Meet the New

Tech Talk: Don’t Ignore Preventative Maintenance

Posted on March 28, 2012

Mike Graham looking pensive in front of MVP panels.

Written by Mike Graham, product manager for CHAUVET Professional

Keeping your equipment running is critical in this day and age. No one can afford to have a broken fixture just sitting there collecting more dust than if it were in the rig. Scheduling preventative maintenance protects your investments and brings more money in the long run. Depending on your environment and on how much you are using your lights, you should plan for a preventative maintenance usually once a quarter. If your lights perform in a particularly harsh environment, then it would make sense to do it twice or more a quarter.

1. Exterior inspection. This is the easiest to do, and to be quite honest, should actually happen every time you pack for a show. Watch for these steps when conducting the inspection:
A. Cable and connection check: check that all of the connections are tight and that the power connector holds the power cable correctly. If it is not locking properly, or is falling out, then it may be time for a new connector. Make sure your DMX connections are sung, but don’t let the cables hang up when you are trying to release them. If you have tails coming from the light, inspect the cable strain relief to make sure it is not cracked. Also, verify that the wire and the connections are in good condition.

B. Fan vent inspection: if your lights have fans, then there are fan vents. If the fan vents look like the lint trap on your dryer after you run a load of towels, then it is time for a cleaning! This can be done with a rag slightly moistened with glass cleaner.
CAUTION! Never spray any kind of cleaner directly onto a fixture. Always spray it on a towel or rag, and then rub the fixture clean. NEVER use an air hose or caned air to blow into the fan vents. Spinning the fans may sound cool, but can create a positive voltage feedback into the main PCB and will for sure damage the bearings on the fan itself.

C. Optics inspection: take a look at the lens and make sure it is free of garbage. Again, a little glass cleaner goes along way. Do not use anything abrasive to clean glass. It will scratch and you will cry.  While you are looking into the optics, check and make sure that there is no apparent heat damage on anything under the glass.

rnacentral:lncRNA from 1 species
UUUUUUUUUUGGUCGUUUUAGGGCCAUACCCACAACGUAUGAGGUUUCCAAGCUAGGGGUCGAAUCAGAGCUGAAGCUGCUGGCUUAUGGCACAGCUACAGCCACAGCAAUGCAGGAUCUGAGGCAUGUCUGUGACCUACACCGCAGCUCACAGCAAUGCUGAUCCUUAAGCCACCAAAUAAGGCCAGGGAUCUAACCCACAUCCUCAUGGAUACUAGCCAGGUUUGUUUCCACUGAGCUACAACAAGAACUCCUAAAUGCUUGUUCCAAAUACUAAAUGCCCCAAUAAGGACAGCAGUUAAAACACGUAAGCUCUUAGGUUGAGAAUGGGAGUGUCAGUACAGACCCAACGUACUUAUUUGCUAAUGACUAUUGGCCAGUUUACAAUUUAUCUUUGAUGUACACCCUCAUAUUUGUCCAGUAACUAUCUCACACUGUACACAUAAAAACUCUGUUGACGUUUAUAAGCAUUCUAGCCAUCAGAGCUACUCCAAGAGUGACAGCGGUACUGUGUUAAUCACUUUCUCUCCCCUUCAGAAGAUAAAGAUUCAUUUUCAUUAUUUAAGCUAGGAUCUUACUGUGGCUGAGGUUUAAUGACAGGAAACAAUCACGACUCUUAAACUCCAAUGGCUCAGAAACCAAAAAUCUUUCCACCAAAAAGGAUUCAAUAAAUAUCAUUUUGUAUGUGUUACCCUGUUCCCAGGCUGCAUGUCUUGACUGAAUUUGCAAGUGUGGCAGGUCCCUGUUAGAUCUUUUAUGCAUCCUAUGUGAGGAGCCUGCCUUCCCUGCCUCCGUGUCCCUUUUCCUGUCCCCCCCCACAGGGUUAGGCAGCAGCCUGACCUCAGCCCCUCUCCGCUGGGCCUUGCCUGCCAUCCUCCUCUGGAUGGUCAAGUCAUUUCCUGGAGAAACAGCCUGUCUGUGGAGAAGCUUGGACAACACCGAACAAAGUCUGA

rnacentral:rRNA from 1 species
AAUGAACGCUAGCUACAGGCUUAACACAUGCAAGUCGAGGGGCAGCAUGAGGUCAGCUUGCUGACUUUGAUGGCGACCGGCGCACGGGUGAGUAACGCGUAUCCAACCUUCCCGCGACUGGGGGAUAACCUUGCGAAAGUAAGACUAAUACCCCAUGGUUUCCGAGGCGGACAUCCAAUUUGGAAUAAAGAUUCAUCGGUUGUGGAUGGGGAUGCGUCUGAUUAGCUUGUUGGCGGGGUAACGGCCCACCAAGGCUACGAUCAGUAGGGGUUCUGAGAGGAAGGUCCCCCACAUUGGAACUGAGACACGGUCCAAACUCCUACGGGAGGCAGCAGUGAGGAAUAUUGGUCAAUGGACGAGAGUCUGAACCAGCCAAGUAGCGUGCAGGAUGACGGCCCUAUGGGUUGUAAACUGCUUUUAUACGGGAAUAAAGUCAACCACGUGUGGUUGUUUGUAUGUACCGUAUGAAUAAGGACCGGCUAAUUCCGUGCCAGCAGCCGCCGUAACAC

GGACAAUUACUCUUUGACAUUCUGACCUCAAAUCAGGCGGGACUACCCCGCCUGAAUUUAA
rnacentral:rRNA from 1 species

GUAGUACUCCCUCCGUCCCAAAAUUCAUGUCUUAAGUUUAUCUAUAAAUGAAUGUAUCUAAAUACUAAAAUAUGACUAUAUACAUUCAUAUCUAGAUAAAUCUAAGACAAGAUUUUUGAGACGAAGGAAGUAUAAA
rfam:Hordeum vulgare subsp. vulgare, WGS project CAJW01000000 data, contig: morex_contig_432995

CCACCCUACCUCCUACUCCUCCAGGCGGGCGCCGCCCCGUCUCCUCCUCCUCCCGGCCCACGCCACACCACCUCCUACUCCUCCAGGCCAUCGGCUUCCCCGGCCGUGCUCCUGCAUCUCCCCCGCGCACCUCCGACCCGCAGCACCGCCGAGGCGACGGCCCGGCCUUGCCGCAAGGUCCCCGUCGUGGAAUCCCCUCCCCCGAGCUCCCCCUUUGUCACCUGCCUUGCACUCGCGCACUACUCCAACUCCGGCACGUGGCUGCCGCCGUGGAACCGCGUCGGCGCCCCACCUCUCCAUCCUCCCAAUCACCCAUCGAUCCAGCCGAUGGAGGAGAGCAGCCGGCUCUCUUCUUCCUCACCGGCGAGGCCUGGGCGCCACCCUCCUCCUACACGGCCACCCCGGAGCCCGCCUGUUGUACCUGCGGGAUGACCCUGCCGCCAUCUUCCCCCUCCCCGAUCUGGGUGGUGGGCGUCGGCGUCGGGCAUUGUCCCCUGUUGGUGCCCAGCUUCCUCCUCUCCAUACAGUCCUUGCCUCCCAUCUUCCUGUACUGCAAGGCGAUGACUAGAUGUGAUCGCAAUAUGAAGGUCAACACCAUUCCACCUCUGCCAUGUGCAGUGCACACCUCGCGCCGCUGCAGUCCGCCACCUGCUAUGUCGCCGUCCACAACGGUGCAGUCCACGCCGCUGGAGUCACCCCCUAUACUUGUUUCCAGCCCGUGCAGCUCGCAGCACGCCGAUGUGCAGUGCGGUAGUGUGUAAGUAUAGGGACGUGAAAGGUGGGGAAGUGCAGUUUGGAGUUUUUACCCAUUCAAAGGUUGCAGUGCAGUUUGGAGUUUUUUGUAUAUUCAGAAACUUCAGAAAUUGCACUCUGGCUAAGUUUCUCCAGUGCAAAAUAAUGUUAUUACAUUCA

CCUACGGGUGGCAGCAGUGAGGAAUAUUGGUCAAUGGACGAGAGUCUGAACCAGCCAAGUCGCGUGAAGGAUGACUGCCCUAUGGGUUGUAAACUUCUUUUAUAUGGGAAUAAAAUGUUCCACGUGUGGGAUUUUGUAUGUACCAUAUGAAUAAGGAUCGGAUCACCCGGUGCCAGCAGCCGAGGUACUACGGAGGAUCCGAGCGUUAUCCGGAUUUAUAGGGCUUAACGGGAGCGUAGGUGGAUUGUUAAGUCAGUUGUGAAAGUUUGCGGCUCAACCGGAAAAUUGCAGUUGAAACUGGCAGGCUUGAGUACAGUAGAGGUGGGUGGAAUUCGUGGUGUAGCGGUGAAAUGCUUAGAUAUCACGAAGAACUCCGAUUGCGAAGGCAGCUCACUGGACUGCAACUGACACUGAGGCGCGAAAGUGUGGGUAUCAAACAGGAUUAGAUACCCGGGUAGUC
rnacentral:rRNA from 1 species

2. Internal inspection. On any product that has a fan, internal inspections are important. For IP outdoor rated products, this is completely not necessary. Keep in mind that only qualified personnel should open IP products. Opening up a COLORado 1 IP is easy. Getting it back together and maintaining the IP rating is tricky. Also, opening up an IP rated fixture will void the warranty.

A. Cable and connection check: visually assess the inside of the light to make sure that all of the connections are attached properly. You can give them a little wiggle—not a tug—to verify that they are not falling off. Make sure that no cables are pinched and that they are still flexible.

B. Fan cleaning: always clean fans before you clean your optics. Once the head covers are off, you will see that you have a rat’s nest of hair, dust, dead skin cells, haze or fog fluid, and other nasty stuff stuck to your fans and heat sinks. To get this off, first put on a mask. You do not want to breath in the dust bunnies that you are about to blow out of here. If you are working on a fixture with an exposed lamp, such as a typical 250-watt or 575-watt moving head fixture, you may want to remove the lamp to avoid having dust stick to it. It’s not so much that the dust will start on fire when you turn the lamp back on, but it will stink as it burns off. So, to make it simple, just follow these steps:
Step 1: make sure your fan is not going to spin freely. Use a screwdriver to put threw the blades to hold the fan in place.
Step 2: put on your mask!
Step 3: using an air compressor, blow the fans clean. Once the fans are clean, blow out the rest of the fixture head with the compressor. Check to see if there are clumps of gunk stuck to anything, especially to the optical path.

C. Optics clean: make sure that your optics are clean. A little dirt and dust can go a long way to dropping your output. If you are using foggers and hazers, then you will want to pay close attention to this. For the glass gobos, fortunately for you, all CHAUVET glass gobos are on slot and lock gobo holders. Remove the gobo, clean it with a cotton cloth and a little glass cleaner, dry and replace. You can use a cotton swab to get the grime out of the outer edges. If you notice specs of black in the outside of the image when looking at a projected gobo after it has been cleaned, then you are dealing with gunk, which you can only remove with a swab. I like the ones with the long wooden stick like they have in the doctor’s office. For the color wheel, do not remove it. Just do your best to get it clean. Again, I like swabs for this too. Takes a little longer, but looks much better. Repeat process on the prism and other optics as needed.

All of the above should be followed about once every four months. If you are in a higher usage area, more frequent maintenance might be necessary. Planning a routine like this will keep your rig working for you, and not you working for it.